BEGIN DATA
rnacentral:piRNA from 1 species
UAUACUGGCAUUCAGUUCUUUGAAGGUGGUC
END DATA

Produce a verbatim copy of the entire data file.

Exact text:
rnacentral:piRNA from 1 species
UAUACUGGCAUUCAGUUCUUUGAAGGUGGUC